Children with Type 1 Diabetes: Body Composition Changes in the First Year after Diagnosis

Researchers Look at Cardiovascular Risk and Glycemic Control

It’s known that rapid weight gain often follows the initiation of insulin therapy in children who have type 1 diabetes. Girls in particular are at risk of becoming overweight when starting insulin therapy.
a group of children sitting on a benchIn a study, researchers looked at the body composition changes in children in the first year after being diagnosed with type 1 diabetes; and they related this to cardiovascular risk markers.

They published their findings online in January 2012 in the article “Body composition in children with type 1 diabetes in the first year after diagnosis: relationship to glycaemic control and cardiovascular risk.” The article will soon appear in the journal Archives of Disease in Childhood.

Body mass index (BMI) and body composition, which was measured using whole body dual energy x-ray absorptiometry (DXA), were assessed at 3 points in 30 study participants (18 boys and 12 girls) with type 1 diabetes: 3 to 10 days after the diagnosis, 6 weeks later, and at 1 year.

In addition, cardiovascular risk markers were evaluated in the patients with type 1 diabetes 1 year after diagnosis.

There was a control group in the study; it had 8 boys and 6 girls in it. Researchers assessed their BMI and body composition on 2 occasions 1 year apart.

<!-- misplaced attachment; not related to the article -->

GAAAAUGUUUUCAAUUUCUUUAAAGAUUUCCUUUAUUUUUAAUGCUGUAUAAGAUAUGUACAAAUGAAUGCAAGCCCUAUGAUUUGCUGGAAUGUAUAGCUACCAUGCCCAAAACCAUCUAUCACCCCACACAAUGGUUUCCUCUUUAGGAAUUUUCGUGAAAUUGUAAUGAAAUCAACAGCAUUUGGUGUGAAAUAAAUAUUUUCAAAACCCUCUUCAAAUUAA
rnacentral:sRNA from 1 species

The research team found that the participants who had type 1 diabetes had lower BMI SD scores (SDS) at diagnosis than the participants in the control group (mean [SD] BMI SDS: -0.67 (1.34) vs 0.20 (1.14); p<0.05) and a reduced percentage of body fat (20.3% (4.6) vs 24.5% (7.7); p<0.05).

They noted that the participants who had type 1 diabetes normalized their body composition at 6 weeks, which was also maintained 1 year later.

The researchers also noted that the girls who had type 1 diabetes were thinner than the boys both at diagnosis (BMI SDS: -1.64 (1.02) vs -0.02 (1.17); p<0.05) and at 1 year after diagnosis (BMI SDS: -0.58(0.9) vs 0.65 (0.98); p<0.05).

Additionally, the research team found that the girls had higher:

  • glycated hemoglobin (HbA1c) levels (8.8% (1.2) vs 7.8% (1.0); p<0.05)
  • insulin dose (1.01 (0.30) vs 0.82 (0.18) U/kg/day; p=0.04)
  • total cholesterol levels (4.30 (0.45) vs 3.79 (0.50) mmol/l; p<0.05)
  • high-density lipoprotein levels (2.62 (0.53) vs 2.02 (0.37) mmol/l)

In this study, the researchers found that both high-sensitivity C-reactive protein and fibrinogen were in the normal range, and there were no differences between the genders in regard to these 2 measurements.

They concluded that insulin deficiency at the diagnosis of type 1 diabetes causes a catabolic state that is pre-dominantly lipolytic.

The researchers found that body composition normalizes within 6 weeks of treatment—even though girls are thinner than boys both at diagnosis and at 1 year after diagnosis, which is contrary to published findings. Although the girls in the study were prescribed a larger insulin dose, their HbA1c levels and cholesterol levels were higher 1 year after being diagnosed with type 1 diabetes; this suggests both increased insulin resistance and cardiovascular risk in these patients.

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